DCBLD2 is a neuropilin-like transmembrane protein that is up-regulated during arterial remodeling in humans, rats, and mice. Activation of PDGFR-β via PDGF triggers receptor phosphorylation and endocytosis. Subsequent activation of downstream signals leads to the stimulation of phenotypic conversion of VSMCs and arterial wall proliferation, which are common pathological changes in vascular remodeling diseases such as atherosclerosis, hypertension, and restenosis after angioplasty. In this study, we hypothesized that DCBLD2 regulates neointimal hyperplasia through the regulation of PDGFR-β endocytosis of vascular smooth muscle cells (VSMCs) through Caveolin-1 (Cav-1). Compared with wild-type (WT) mice or control littermate mice, the germline or VSMC conditional deletion of the Dcbld2 gene resulted in a significant increase in the thickness of the tunica media in the carotid artery ligation. To elucidate the underlying molecular mechanisms, VSMCs were isolated from the aorta of WT or Dcbld2-/- mice and were stimulated with PDGF. Western blotting assays demonstrated that Dcbld2 deletion increased the PDGF signaling pathway. Biotin labeling test and membrane-cytosol separation test showed that after DCBLD2 was knocked down or knocked out, the level of PDGFR-β on the cell membrane was significantly reduced, while the amount of PDGFR-β in the cytoplasm increased. Co-immunoprecipitation experiments showed that after DCBLD2 gene knock-out, the binding of PDGFR-β and Cav-1 in the cytoplasm significantly increased. Double immunofluorescence staining showed that PDGFR-β accumulated Cav-1/lysosomes earlier than for control cells, which indicated that DCBLD2 gene knock-down or deletion accelerated the endocytosis of PDGF-induced PDGFR-β in VSMCs. In order to confirm that DCBLD2 affects the relationship between Cav-1 and PDGFR-β, proteins extracted from VSMCs cultured in vitro were derived from WT and Dcbld2-/- mice, whereas co-immunoprecipitation suggested that the combination of DCBLD2 and Cav-1 reduced the bond between Cav-1 and PDGFR-β, and DCBLD2 knock-out was able to enhance the interaction between Cav-1 and PDGFR-β. Therefore, the current results suggest that DCBLD2 may inhibit the caveolae-dependent endocytosis of PDGFR-β by anchoring the receptor on the cell membrane. Based on its ability to regulate the activity of PDGFR-β, DCBLD2 may be a novel therapeutic target for the treatment of cardiovascular diseases.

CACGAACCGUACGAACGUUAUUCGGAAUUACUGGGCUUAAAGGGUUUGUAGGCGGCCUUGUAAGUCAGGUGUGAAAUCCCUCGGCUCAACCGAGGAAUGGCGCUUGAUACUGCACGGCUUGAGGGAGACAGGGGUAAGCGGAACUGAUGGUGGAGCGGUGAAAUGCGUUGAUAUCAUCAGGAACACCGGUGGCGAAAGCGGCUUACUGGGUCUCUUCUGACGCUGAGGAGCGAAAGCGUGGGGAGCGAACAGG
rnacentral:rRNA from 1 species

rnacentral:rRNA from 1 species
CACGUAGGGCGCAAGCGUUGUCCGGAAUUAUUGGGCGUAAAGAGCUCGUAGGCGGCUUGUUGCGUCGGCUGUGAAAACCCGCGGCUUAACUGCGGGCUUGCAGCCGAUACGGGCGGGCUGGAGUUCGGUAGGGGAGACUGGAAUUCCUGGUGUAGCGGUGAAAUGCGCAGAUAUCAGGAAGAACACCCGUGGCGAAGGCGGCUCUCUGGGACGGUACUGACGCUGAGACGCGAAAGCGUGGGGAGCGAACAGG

Keywords: Caveolin-1; DCBLD2; PDGFR-β; vascular hyperplasia; vascular smooth muscle cell.
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